The Prescription of Bazhen Tang
The book Zheng Ti Lei Yao
- Dang Gui (Radix Angelicae Sinensis) 10 g,
- Chuan Xiong (Rhizoma Chuanxiong) 6 g,
- Bai Shao (Radix Paeoniae Alba) 10 g,
- Shu Di (Radix Rehmanniae Preparata) 15 g,
- Ren Shen (Radix Ginseng) 6 g,
- Bai Zhu (Rhizoma Atractylodis Macrocephalae) 10 g,
- Fu Ling (Poria) 10 g,
- Zhi Gan Cao (Radix Glycyrrhizae Preparata) 6 g,
- Sheng Jiang (Rhizoma Zingiberis Recens) 6 g,
- Da Zao (Fructus Jujubae) 3 dates.
Shu Di and Ren Shen: The principal drugs, invigorating Qi and nourishing blood.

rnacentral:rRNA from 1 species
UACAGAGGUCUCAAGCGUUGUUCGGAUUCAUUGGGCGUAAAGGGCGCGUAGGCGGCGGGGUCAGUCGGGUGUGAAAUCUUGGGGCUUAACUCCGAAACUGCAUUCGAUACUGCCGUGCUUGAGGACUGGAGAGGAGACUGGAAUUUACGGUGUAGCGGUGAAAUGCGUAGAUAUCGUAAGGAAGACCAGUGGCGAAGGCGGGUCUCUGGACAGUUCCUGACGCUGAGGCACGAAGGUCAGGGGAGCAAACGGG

Bai Zhu and Fu Ling: Strengthening the spleen to remove dampness.
Dang Gui and Bai Shao: Nourishing blood and regulating Ying.
Chuan Xiong: Regulating blood and promoting the flow of Qi.
Zhi Gan Cao: Replenishing Qi and regulating the function of the middle-Jiao.
Sheng Jiang and Da Zao: Coordinating the spleen and stomach.
The Effect of Bazhen Tang
Reinforcing Qi and blood.
Syndrome due to deficiency of both Oi and blood, marked by pale or sallow complexion, dizziness, blurred eyes, lassitude, shortness of breath, languor, palpitation, poor appetite, pale tongue with thin whitish coating, and thready weak or weak large pulse; including such diseases with the above symptoms as weakness in the convalescence, various chronic diseases, irregular menstruation, postpartum blood deficiency, and carbuncle or furuncle with opening difficult to heal.
Decocted in water for oral dose to be taken twice.